The first day that Maryland's health exchange opened, psychiatrist Steven Daviss looked up his name and was surprised to see himself listed as participating in 36 new insurance plans from five different carriers.
Some plans listed him at an address that he had left three years ago. Others had the right address, but Dr. Daviss treats only hospital inpatients and isn't available for people looking for a therapist.
"Not one insurance company has contacted me to ask if I am accepting new patients," said Dr. Daviss, who complained to Maryland exchange officials.
The errors continue. This week, the exchange lists Dr. Daviss as an internist participating in 24 plans—including two that provide only dental benefits.
Many new health exchanges don't yet let shoppers see which doctors accept which insurance plans. Where exchanges do post the so-called provider lists, they often contain inaccurate or misleading information, some doctors say, including wrong specialties, addresses and language skills, and no indication whether providers are accepting new patients.
Exchange officials blame the insurance industry, where inaccurate and out-of-date provider lists are nothing new. "I don't think we realized that the underlying data had quite this number of problems. Now, it's becoming more transparent," said Joshua Sharfstein, Maryland's secretary of health and the chairman of its exchange.
Psychiatrist Steven Daviss, right, says some plans on Maryland's health exchange listed him at a wrong address and with the wrong specialty. Nathan Daviss
Robert Zirkelbach, spokesman for America's Health Insurance Plans, an industry trade association, said, "Health plans do everything they can to ensure their provider networks are up-to-date."
The new health exchanges are supposed to offer a transparent shopping experience, including clear information on participating doctors. But in addition to providing wrong information, the lists may give consumers a false impression of how big the networks are, some physicians say. Several exchanges warn shoppers to ask doctors directly if they accept the new plans.
Insurers say that in some cases, doctors may not be aware that they are in provider networks for the new insurance plans. Some contracts allow carriers to move physicians into new networks or lease their names to other insurance companies, even without keeping them informed.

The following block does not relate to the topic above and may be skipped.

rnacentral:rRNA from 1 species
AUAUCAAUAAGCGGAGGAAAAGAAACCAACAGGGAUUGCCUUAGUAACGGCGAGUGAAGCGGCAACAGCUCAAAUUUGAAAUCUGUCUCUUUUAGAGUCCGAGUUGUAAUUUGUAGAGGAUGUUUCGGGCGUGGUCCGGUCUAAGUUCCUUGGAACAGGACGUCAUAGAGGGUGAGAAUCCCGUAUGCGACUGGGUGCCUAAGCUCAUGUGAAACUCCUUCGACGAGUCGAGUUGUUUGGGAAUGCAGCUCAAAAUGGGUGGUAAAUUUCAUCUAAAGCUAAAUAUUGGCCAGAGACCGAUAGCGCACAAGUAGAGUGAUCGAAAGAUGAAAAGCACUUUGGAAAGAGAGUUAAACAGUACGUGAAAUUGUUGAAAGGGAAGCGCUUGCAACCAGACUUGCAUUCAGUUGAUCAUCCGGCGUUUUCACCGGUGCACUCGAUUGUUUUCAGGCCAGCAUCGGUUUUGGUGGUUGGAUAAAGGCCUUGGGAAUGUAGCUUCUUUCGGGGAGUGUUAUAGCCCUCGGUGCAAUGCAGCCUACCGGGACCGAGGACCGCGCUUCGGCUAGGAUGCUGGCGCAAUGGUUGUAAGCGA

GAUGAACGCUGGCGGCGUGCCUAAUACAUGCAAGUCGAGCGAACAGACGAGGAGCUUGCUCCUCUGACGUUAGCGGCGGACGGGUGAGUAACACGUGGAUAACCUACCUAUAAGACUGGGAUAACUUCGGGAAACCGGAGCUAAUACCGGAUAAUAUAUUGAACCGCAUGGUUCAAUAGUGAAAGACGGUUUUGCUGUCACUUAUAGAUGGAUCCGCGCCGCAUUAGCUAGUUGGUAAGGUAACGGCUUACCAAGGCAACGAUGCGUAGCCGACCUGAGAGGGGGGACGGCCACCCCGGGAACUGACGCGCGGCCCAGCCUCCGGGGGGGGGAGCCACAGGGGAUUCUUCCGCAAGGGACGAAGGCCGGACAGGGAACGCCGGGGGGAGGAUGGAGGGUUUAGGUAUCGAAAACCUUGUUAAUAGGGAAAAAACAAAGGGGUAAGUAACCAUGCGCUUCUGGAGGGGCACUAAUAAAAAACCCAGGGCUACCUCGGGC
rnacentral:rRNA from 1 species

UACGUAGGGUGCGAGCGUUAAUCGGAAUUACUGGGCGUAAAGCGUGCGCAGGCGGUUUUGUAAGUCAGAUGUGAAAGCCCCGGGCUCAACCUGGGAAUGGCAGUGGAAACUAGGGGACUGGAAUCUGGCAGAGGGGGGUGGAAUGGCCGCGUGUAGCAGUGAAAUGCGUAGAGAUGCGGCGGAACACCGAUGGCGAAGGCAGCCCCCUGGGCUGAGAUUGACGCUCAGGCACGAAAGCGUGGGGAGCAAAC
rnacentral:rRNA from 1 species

"These networks are often in flux—it's part of the Rube Goldberg contraption that is the U.S. health-care system," said Peter Beilenson, chief executive of Evergreen Health Co-op, a new Maryland nonprofit that leased its network of doctors from PHCS, a large provider group that is part of an even larger group, MultiPlan Inc., which contracts with 900,000 health-care providers nationwide.
Evergreen plans to inform some 7,000 Maryland doctors in the PHCS network that they are in its new network in mid-December.
Some carriers are using their usual provider networks for their new exchange plans and haven't notified those doctors to expect more patients. Others are offering low-cost plans and have asked providers to take reimbursement cuts, though many haven't specified the new rates yet.
Some doctors are surprised to see their names listed in new insurance plans on the exchanges, though they haven't signed new contracts or aren't accepting new patients. Insurers offer a variety of explanations, reports Melinda Beck. Photo: Getty Images.
Richard Thorp, president of the California Medical Association, said his practice in rural Paradise, Calif., was still waiting to hear what the new reimbursement rates would be—so he was surprised to see himself listed as taking five new low-cost plans from Blue Shield on the California exchange.
Blue Shield of California said not enough doctors signed up for its exchange plans, particularly in rural areas, to meet state standards, so it notified several hundred of its contracted physicians that they were being moved into the new network as well, at their usual rate, said spokesman Stephen Shivinsky.
He said that Blue Shield sent Dr. Thorp two such notices at a rural clinic where he treats patients, and that its contract with him covers any office he practices in. Steve Nord, the administrator for Dr. Thorp's private practice, said the contracts are very different. "There's obviously been a miscommunication," Mr. Nord said.
Unlike many states, California permits insurers to use "all-products" clauses in contracts with doctors, requiring them to participate in any plan the carrier offers, regardless of the rates. As a result, the California Medical Association said some doctors might be caught off guard.
"Come January, some practices could find they have a lot of new patients coming through their doors at less than break-even rates," said CMA associate director Brett Johnson.
David Aizuss, an ophthalmologist in Encino, Calif., said he won't sign all-products contracts and has declined requests to join the new plans. So he, too, was also surprised to find himself listed as accepting five new Blue Shield plans on the California exchange. Even if Blue Shield does pay his usual rates, Mr. Aizuss says, "I don't know if we have the capacity to handle many new patients."
Blue Sheild's Mr. Shivinsky said Dr. Aizuss is one of a handful of ophthalmologists listed erroneously on Blue Shield exchange plans. The list will be corrected by mid-November, he said.
The California exchange, called CoveredCalifornia, has been plagued with other provider-list problems, too. Officials took the doctor search tool off-line for more than a week because many doctors' specialties were listed erroneously.
The search tool was back up this week with no specialties given. But spokesman Roy Kennedy said it would soon add a hot line for doctors to call to report errors with their listings.
Write to Melinda Beck at